Bird flu gives Chinese business a cold

Chinese businesses from rural poultry farms to the luxury Shanghai Four Seasons hotel are beginning to feel the impact of a bird flu outbreak that has killed nine people.

Taobao Marketplace, the e-commerce platform of the Alibaba Internet group, confirmed that as of Wednesday it had banned online trading of live poultry in the Shanghai region.

The Four Seasons was among several upmarket Shanghai hotels to take chicken off the menu. Some international schools in the city have removed eggs and poultry from their cafeterias and started doing temperature checks on people entering their campuses. And KFC, one of China’s most successful foreign restaurant chains, has seen a fall in sales.

The outbreak of a new form of bird flu — H7N9 — has seen 33 people fall ill, including the nine who have died, according to the government.

Aware of public anger over the secrecy that surrounded the handling of the SARS epidemic a decade ago, the authorities have this time been more forthcoming with information. They have taken well-publicized countermeasures, notably in closing poultry markets in Shanghai this month.

But Chinese citizens have still questioned on the Internet whether they are getting the full story about the virus.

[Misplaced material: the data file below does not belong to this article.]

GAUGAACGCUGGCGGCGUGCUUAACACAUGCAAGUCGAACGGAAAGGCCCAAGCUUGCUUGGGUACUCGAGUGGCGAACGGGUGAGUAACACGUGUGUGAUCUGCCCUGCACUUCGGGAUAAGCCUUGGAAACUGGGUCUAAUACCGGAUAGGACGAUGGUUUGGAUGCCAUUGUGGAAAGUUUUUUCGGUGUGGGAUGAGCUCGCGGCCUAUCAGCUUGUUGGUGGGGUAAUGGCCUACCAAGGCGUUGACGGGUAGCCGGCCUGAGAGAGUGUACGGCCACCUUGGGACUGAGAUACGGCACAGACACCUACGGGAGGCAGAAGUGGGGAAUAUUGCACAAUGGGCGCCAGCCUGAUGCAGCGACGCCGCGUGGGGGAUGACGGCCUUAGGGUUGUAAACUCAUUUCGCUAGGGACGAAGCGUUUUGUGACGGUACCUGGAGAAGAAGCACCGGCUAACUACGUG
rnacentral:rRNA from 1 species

The World Health Organization has said that there is, as of yet, no evidence that the virus is being passed from one human to another.

The reported cases have been confined to eastern China and concentrated in Shanghai, the country’s financial capital.

Taobao said that, for now, poultry products sold online in places outside Shanghai were not affected by its ban. But the company said that if it received any new directives from the government they would be implemented, including suspending poultry sales in other areas.

The poultry is sold by farms, mainly to individual buyers. Producers claim the birds are live at the point of order; they are then slaughtered and shipped in vacuum-sealed packaging. One farmer in rural Zhejiang province, near Shanghai, said his sales had fallen from 100 birds a month before the outbreak to “almost zero now.”

Yum Brands, which owns KFC, said in a statement Wednesday, “Within the past week, publicity associated with avian flu in China has had a significant, negative impact on KFC sales.”

KFC had already been struggling after a media storm over antibiotics found in its chicken. In March, before reports of H7N9 emerged, KFC’s monthly same-store sales were down 16 percent from the previous year, according to Yum.

Some Chinese companies are starting to cancel business trips or ban meetings. Online retailer JD.com sent a letter to staff members over the weekend asking them not to meet clients or go on business trips. However, with no human-to-human infections yet confirmed, most companies are conducting business as usual.

Meanwhile, the outbreak may represent an opportunity for e-commerce as fears of infection prompt more people to stay at home and shop online. Cao Lei, a director at the Hangzhou-based China e-Business Research Center, told Bloomberg that the 2002-03 SARS outbreak helped to make e-commerce popular just as it was getting started.

— Financial Times

Hook reported from Beijing. Patti Waldmeir in Shanghai, Li Wan in Beijing and Julie Zhu in Hong Kong also contributed to this report.

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